WINCHESTER council tax payers are set to pay £4 a year more for their services in a decision confirmed last night.

The Liberal Democrat-controlled city council approved a budget to raise the Band D council tax to £155.29 for the 2023-24 financial year.

However residents are also having a pay a large increase by the county council which is upping its Band D charge by £69.33, the largest increase in its history amid warnings that it is facing bankruptcy.

City council leader Martin Tod said Winchester's was the third lowest increase in Hampshire.

READ MORE HERE: Test Valley council tax approved

The coffers have been boosted by an unexpected £2 million extra from the Government which will be spent on a series of green measures.

The Conservatives tabled a last-minute amendment to increase spending on schemes to tackle the climate and cost of living crisis, including a one-off council tax reduction of eight per cent.

Senior Tory councillor Stephen Godfrey accused the Lib Dems of "dither and delay...if we were running this council we would be doing things differently, investing in helping the more vulnerable.

"For the last four years this council has been putting money into reserves in case something bad happens; £18 million is being kept for a rainy day. Now is the rainy day. Now is the time to help residents with the climate emergency and help residents with the cost of living crisis."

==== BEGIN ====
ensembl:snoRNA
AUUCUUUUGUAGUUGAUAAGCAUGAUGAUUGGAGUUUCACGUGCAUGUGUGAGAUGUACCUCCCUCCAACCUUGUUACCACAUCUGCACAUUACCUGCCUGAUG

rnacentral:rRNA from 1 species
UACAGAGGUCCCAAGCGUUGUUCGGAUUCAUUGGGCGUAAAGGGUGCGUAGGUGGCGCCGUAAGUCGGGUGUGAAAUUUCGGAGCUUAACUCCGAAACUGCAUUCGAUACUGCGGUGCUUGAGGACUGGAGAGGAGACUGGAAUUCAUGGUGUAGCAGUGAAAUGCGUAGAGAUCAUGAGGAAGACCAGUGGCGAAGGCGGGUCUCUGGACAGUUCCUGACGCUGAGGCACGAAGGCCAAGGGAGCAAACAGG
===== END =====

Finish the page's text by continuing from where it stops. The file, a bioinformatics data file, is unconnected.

The amendment was defeated by 24 votes to 11 with Cllr Jamie Scott siding with the Lib Dems, having switched from the Tories for a second time.

SEE ALSO: New mayor elected after resignation of Derek Green 

Cllr Tod said: "I thought the Conservatives had learned the lesson of incompetent financial management, of Trussonomics. (Conservative-controlled) Hampshire County Council has today put council tax up by £69.33 a year for Band D, the largest increase in their history, has a future funding gap of £132m and will not be sustainable within two years."

He said incompetent financial management by central government has driven up inflation and interest rates and cutting money for services.

Cllr Tod said the Tory amendment was "irresponsible empty bluster" and "empty political point-scoring".

He said that under the Lib Dems the High Street was thriving with strong footfall, unemployment was low and business was being supported.

The meeting also approved housing issues including a seven per cent rise in rents for tenants and a £20.5m new homes programme.

It had support from the Conservatives who called for greater speed in the carbon retrofitting programme. There have been 800 expressions of interest from tenants but only eight properties have been retrofitted in the last three years, the meeting heard.